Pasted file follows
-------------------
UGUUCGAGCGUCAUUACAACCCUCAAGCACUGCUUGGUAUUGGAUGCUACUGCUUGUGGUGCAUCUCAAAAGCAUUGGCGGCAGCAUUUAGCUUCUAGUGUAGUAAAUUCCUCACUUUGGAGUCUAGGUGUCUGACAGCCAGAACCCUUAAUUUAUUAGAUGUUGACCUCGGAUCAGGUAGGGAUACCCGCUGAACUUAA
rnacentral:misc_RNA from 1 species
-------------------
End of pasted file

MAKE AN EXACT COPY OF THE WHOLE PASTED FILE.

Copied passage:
UGUUCGAGCGUCAUUACAACCCUCAAGCACUGCUUGGUAUUGGAUGCUACUGCUUGUGGUGCAUCUCAAAAGCAUUGGCGGCAGCAUUUAGCUUCUAGUGUAGUAAAUUCCUCACUUUGGAGUCUAGGUGUCUGACAGCCAGAACCCUUAAUUUAUUAGAUGUUGACCUCGGAUCAGGUAGGGAUACCCGCUGAACUUAA
rnacentral:misc_RNA from 1 species